Raulston Arboretum redbud collection among the best
Dr. Dennis Werner (right) and Mark Weatherington with one of the 40 types of redbud at the JC Raulston Arboretum.
The North American Plant Collections Consortium is a program of the American Public Gardens Association in cooperation with the U.S. Department of Agriculture Agricultural Research Service and the U.S. National Arboretum. In designating outstanding collections of various landscape plants, the consortium seeks to preserve plant germplasm and, according to the American Public Garden Association Web site, “promote high standards of plant collections management.”
Mark Weathington, JC Raulston Arboretum assistant director and curator of collections, coordinated the effort to designate the JC Raulston Cercis, or redbud, collection an NAPCC collection. Weathington said a detailed application and site visit by an NAPCC representative were part of the process. He added that gardens or arboreta whose collections receive the designation must demonstrate a commitment to holding and developing the collection.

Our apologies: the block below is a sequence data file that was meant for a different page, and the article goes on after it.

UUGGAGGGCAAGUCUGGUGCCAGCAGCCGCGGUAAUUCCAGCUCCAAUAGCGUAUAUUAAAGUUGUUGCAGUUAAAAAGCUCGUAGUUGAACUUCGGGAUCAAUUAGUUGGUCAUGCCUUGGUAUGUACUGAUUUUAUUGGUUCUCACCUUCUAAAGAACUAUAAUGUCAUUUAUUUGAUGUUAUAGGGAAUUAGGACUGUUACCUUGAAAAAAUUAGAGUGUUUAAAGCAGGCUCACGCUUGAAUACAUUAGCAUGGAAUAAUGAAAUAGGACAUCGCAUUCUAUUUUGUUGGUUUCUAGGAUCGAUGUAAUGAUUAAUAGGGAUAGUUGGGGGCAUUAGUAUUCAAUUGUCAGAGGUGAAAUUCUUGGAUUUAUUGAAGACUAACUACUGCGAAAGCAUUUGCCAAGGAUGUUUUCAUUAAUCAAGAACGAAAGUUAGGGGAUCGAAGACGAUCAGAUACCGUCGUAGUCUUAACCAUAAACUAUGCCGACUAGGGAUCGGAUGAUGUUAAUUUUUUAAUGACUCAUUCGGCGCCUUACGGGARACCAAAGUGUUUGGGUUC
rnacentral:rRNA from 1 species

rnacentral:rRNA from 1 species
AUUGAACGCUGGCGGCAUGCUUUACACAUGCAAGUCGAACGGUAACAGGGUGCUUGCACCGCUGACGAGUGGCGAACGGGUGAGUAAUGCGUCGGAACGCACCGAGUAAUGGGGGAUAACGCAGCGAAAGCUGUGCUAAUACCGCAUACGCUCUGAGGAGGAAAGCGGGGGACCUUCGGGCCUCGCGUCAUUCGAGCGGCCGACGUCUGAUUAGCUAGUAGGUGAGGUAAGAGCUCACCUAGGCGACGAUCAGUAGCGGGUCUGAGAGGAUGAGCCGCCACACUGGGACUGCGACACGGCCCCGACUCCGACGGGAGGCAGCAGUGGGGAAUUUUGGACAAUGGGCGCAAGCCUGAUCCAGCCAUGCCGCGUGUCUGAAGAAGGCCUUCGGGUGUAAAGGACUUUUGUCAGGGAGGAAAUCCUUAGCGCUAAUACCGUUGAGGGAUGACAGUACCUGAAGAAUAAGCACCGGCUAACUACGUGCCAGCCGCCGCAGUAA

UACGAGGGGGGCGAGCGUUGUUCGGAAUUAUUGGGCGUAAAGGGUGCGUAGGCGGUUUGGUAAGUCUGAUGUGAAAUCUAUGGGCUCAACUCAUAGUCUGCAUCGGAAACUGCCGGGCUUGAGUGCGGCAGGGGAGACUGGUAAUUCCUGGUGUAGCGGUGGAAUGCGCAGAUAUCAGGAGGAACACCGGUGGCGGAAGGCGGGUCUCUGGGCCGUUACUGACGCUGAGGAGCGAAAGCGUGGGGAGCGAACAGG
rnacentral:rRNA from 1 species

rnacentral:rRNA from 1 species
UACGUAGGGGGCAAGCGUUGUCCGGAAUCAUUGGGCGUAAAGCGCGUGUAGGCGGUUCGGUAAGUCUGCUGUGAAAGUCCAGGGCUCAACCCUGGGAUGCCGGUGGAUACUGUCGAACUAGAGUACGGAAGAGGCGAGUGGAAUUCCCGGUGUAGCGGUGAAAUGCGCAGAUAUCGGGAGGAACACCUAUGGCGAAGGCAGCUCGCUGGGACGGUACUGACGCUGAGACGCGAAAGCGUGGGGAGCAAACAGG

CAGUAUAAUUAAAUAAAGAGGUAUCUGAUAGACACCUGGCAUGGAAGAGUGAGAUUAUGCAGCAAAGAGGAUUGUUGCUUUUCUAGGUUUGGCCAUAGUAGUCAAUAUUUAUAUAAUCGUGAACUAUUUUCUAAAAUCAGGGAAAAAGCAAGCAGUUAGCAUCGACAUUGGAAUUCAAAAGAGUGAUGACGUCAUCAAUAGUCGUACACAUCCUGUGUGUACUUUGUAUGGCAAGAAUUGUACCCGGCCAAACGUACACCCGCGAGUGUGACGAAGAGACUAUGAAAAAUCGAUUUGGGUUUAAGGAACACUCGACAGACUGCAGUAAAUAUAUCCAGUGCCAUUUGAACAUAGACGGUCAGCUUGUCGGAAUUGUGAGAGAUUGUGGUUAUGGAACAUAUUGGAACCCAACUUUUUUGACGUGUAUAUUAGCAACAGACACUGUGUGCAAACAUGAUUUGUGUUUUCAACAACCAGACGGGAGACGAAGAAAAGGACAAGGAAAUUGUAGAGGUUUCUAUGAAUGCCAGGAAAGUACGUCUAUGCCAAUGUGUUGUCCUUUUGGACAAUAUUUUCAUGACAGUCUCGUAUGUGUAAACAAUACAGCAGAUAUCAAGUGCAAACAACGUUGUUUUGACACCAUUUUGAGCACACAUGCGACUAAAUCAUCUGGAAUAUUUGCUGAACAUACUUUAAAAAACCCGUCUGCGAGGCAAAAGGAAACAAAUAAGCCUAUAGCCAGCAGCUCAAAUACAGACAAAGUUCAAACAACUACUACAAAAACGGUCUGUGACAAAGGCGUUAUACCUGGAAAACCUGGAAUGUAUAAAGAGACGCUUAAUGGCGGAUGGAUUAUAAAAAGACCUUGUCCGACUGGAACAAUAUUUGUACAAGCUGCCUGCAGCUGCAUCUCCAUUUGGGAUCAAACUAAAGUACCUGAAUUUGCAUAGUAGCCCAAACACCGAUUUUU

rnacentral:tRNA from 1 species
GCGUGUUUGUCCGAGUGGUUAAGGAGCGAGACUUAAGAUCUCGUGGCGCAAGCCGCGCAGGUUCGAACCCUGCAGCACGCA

The redbud collection is the first at the JC Raulston Arboretum to receive the NAPCC collection designation, Weathington said.
Dr. Dennis Werner, JC Raulston Arboretum director, said reviewers noted the comprehensive nature of the redbud collection and its research value. Weathington said reviewers also noted that Werner has developed a redbud breeding program that should begin making new redbud cultivars available to the public in 2009.
The 8-acre JC Raulston Arboretum is a nationally acclaimed garden with one of the most diverse collection of cold-hardy temperate zone plants in the Southeastern United States. While it is open to the public, the arboretum is primarily a working research and teaching garden that focuses on the evaluation, selection and display of plant material gathered from around the world. Plants especially adapted to Piedmont North Carolina conditions are identified in an effort to find better plants for southern landscapes. Arboretum plant collections include more than 5,000 species or cultivars of annuals, perennials, bulbs, vines, groundcovers, shrubs and trees from more than 50 different countries.
— Dave Caldwell